The Star of David, intended to represent the shape of King David's shield, is a symbol for Judaism and the Jewish community. There are several interpretations for its symbolic significance. One such view is that it represents an inner spiritual center supported by six universal sides. Another view is that the two overlapping triangles represent the dichotomies of good and evil.
Some theological interpretations of the symbol's significance support the view of the Star of David as a symbol of dichotomy. In this interpretation of the symbol, the top triangle strives upward toward God, while the lower triangle points downward toward the real world.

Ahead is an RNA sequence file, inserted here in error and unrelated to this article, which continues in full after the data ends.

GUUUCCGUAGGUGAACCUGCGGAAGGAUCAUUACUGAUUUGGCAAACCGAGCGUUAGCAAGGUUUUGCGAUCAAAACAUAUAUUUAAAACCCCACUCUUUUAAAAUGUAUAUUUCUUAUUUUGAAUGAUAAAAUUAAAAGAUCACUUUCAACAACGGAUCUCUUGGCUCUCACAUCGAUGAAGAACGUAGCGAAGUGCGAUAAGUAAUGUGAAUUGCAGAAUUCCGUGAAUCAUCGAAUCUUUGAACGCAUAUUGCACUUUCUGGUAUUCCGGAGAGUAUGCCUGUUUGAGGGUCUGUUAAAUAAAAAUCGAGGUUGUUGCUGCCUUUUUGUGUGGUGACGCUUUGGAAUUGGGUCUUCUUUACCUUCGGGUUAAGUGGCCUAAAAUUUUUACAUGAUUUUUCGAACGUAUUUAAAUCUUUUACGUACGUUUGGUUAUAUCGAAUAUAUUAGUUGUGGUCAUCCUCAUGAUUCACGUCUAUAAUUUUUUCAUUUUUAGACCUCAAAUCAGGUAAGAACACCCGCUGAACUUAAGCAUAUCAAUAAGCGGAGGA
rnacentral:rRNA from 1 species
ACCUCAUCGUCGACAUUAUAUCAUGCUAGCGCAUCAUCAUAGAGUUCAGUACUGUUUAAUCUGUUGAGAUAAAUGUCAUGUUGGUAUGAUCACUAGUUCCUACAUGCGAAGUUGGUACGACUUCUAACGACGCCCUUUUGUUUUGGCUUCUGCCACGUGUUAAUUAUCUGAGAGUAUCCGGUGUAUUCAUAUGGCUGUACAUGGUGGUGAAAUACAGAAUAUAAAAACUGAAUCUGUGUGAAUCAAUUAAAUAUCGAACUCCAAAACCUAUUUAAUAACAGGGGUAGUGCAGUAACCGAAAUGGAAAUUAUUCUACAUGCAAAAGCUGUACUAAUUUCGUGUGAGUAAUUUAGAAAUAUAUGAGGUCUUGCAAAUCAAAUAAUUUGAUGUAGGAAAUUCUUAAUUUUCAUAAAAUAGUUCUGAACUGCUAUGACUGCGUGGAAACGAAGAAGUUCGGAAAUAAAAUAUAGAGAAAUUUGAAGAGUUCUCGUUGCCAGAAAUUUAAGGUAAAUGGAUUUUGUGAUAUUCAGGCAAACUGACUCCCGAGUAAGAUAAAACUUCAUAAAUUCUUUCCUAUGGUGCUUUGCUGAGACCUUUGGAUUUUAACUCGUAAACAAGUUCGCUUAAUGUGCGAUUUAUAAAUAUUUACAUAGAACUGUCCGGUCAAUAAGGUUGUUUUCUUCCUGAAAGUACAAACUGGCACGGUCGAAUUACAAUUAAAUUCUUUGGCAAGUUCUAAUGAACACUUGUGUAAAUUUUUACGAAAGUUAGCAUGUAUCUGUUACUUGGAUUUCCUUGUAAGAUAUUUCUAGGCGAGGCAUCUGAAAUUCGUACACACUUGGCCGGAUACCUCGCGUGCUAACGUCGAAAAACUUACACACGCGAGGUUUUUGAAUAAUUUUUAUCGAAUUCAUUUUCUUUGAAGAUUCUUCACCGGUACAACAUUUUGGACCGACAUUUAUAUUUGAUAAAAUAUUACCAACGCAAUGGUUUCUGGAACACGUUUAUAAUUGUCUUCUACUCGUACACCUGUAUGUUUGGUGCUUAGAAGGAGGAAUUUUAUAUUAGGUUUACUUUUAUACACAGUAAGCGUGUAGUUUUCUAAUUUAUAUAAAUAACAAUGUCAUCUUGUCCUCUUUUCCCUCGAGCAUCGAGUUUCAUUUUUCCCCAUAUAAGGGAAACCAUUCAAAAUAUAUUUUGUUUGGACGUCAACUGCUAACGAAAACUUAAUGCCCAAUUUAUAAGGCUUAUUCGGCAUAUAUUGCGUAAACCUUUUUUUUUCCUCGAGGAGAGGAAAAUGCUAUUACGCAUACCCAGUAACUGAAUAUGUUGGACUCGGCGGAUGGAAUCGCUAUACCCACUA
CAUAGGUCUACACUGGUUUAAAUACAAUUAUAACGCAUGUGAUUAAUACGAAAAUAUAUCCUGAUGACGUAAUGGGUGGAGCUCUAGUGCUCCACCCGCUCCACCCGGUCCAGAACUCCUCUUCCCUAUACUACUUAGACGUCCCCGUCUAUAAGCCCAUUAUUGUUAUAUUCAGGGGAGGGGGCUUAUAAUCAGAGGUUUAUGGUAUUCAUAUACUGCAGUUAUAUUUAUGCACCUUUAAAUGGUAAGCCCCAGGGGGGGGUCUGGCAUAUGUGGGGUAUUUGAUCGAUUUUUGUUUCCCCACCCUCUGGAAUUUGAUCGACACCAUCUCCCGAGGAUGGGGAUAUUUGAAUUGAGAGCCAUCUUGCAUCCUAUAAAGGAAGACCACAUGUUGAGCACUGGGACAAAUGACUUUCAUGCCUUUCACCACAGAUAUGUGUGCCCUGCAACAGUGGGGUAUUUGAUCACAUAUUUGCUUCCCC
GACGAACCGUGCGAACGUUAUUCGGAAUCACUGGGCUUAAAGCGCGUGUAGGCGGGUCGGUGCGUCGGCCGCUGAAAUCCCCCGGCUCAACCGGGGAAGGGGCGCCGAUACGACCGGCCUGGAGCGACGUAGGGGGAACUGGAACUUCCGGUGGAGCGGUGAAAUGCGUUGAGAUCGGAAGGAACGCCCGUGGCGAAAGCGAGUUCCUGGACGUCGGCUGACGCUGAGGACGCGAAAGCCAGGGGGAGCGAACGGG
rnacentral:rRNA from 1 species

The Star of David rose to prominence as a symbol for Judaism relatively recently. There are few references to the symbol in early Jewish literature and artwork. Historically, Jews used the hexagram as a decorative motif, with its first appearance found on early synagogues and in religious texts.
In Germany during the Holocaust era, the Nazis forced Jews to wear yellow badges with Star of David symbols as a form of racial identification. However, the practice of forcing Jewish people to wear badges to identify themselves predates Nazi Germany and actually goes back to Europe's Medieval period.